The Notification applies a tiered penalty ratio based on the whether the violation is deemed “very serious”, “serious” or “less serious”. For judging the seriousness of the violation, the KFTC utilizes the standards as detailed in the Annex “Detailed Evaluation Standards by Violation Type” of the Notification (the “Standards”). The pertinent behavior is given a score based on its situation according to the Standards, which is then used by the KFTC to determine the seriousness of the behavior. Higher score given to a pertinent behavior will accordingly increase its seriousness and the applicable penalty ratio. However, there had been concerns that an objective evaluation is difficult under the old Standards because it includes a number of qualitative indicators defined in abstractive terms, which contributed to most violations becoming evaluated as “very serious” violation, especially in collusion cases. The Amendments seek to improve the Standards to be clear and specific, to enable more objective evaluations.

In scoring the pertinent behavior, the Standards takes in to account various factors relating to the behavior, such as anti-competitiveness, related sales, scope of harm and affected geographical area. The Amendments relax the Standards for related sales and affected geographical area, especially for bid-rigging.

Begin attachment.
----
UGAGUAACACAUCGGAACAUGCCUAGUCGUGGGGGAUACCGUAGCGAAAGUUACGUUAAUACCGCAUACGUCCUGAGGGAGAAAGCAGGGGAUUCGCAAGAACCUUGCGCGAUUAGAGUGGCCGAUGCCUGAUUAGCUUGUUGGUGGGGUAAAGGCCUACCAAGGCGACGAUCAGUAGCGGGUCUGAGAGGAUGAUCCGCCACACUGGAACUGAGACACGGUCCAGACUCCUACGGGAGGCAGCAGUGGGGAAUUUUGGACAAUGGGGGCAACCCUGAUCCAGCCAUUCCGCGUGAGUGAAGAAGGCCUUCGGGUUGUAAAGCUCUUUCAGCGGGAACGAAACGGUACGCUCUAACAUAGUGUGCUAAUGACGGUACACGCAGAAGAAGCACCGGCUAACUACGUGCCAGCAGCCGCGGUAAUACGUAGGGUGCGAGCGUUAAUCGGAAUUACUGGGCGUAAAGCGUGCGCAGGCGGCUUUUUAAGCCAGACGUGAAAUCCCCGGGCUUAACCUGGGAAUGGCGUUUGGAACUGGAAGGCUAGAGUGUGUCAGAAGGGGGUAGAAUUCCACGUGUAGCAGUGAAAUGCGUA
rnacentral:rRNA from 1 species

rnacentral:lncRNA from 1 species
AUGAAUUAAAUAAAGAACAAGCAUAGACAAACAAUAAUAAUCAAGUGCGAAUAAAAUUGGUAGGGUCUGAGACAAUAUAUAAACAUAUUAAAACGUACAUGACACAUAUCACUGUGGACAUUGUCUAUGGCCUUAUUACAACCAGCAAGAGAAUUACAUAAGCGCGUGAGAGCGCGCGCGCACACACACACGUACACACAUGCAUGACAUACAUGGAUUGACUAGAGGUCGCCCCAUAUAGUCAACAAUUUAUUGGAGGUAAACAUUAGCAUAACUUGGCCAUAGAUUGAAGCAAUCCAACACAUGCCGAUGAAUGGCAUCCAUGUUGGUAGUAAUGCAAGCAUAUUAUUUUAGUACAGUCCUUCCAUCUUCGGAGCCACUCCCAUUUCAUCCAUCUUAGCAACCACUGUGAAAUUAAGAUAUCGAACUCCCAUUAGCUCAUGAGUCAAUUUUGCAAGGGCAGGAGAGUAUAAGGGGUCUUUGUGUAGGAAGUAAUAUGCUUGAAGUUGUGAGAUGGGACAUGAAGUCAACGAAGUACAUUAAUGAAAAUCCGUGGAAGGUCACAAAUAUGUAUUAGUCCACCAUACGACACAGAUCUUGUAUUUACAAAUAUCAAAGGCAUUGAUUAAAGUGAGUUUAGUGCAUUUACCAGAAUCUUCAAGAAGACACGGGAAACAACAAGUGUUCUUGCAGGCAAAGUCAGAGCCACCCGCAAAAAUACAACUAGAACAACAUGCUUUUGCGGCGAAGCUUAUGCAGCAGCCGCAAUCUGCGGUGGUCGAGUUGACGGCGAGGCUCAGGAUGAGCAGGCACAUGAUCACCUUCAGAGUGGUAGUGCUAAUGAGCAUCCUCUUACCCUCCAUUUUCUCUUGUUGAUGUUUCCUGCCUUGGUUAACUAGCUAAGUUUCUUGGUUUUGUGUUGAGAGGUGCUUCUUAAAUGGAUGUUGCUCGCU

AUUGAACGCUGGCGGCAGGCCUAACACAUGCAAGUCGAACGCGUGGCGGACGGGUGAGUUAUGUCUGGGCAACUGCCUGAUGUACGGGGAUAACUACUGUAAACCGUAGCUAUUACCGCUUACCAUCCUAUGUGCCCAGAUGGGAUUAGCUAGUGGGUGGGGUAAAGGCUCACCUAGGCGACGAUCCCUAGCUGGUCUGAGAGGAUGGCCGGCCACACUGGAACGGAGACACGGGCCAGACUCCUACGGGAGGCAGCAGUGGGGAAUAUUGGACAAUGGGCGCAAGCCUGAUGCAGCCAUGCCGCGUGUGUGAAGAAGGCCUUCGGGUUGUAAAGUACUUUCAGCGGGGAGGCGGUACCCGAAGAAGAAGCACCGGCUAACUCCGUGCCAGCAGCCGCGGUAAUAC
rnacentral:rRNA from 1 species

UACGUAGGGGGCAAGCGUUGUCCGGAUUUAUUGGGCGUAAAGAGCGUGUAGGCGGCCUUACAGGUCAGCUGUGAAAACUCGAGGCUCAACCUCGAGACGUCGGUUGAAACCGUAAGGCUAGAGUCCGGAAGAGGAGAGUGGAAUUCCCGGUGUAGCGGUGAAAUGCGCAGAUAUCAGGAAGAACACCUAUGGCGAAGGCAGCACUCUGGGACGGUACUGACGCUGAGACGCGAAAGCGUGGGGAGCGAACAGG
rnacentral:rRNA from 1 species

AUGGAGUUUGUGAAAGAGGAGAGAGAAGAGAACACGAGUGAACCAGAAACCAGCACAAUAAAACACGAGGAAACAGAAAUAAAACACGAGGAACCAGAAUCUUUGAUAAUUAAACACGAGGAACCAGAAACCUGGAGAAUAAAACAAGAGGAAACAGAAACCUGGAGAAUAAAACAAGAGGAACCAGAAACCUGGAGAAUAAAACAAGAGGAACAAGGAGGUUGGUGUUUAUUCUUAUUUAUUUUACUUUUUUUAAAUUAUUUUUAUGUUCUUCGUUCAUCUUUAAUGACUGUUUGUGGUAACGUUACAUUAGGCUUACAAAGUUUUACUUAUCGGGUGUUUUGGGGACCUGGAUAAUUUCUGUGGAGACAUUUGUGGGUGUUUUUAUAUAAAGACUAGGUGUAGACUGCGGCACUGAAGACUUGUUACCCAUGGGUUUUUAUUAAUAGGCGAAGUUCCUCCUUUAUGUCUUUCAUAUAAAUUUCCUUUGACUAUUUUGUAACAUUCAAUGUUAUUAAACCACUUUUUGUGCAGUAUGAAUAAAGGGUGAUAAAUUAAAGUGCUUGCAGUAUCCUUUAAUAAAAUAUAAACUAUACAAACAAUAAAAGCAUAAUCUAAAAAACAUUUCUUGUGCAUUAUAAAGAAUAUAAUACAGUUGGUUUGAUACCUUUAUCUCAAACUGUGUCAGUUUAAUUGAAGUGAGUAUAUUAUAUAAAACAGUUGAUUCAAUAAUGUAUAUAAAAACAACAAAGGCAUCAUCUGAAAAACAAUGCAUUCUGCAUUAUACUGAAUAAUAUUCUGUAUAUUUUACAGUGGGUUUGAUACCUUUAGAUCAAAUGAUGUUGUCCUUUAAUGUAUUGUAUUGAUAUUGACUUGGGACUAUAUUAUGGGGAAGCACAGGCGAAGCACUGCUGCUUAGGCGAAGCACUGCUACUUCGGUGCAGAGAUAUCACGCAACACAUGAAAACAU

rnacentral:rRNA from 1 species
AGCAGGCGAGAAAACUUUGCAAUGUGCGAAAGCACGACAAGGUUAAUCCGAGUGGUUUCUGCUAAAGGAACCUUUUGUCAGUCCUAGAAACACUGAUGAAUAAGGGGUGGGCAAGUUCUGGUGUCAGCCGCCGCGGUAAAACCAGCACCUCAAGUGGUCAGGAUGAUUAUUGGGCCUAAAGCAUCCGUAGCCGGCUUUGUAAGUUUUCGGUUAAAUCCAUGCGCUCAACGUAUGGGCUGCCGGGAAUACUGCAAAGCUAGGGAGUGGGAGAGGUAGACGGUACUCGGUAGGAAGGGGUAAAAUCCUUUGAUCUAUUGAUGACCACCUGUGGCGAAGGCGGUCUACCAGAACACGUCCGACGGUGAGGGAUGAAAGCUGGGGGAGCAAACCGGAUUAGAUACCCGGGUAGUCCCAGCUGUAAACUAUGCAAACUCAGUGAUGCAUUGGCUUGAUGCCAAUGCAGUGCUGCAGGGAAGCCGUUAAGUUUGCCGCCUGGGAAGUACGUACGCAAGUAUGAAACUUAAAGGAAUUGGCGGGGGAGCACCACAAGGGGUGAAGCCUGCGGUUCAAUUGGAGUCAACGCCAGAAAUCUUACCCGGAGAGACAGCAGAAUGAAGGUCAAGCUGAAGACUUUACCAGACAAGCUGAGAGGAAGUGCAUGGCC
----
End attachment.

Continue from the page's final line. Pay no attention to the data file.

Furthermore, the Amendments add specific details to the qualitative factors involved in scoring, such as anti-competitiveness and scope of harm. For example, the most serious violation included in the index for the collusion relating to anti-competitiveness was a “violation which has only anti-competitive effect or is unlikely to have effect of increasing efficiency”. However, the Amendments changed such definition to “collusive acts that mostly have anti-competitive effect only such as decision or change of price or output, limitation or allocation of transaction region or counterparty, and decision of bid price and potential successful bidder, etc.”

In addition, the old Notification calculated basic administrative fines in bid-rigging cases by considering the entire contract amount to be the related sales, regardless of whether the violating company was part of a consortium at the time of bid participation, and multiplying the penalty ratio to such related sales amount. The KFTC faced certain criticisms that such calculation method was excessively harsh, including a court precedent which required the KFTC to reduce the fine at the final downward adjustment stage if the foregoing situation is applied. The Amendment now allow the KFTC to reduce the related sales amount based on the violating company’s stake in the consortium, if one existed at the time of bid participation.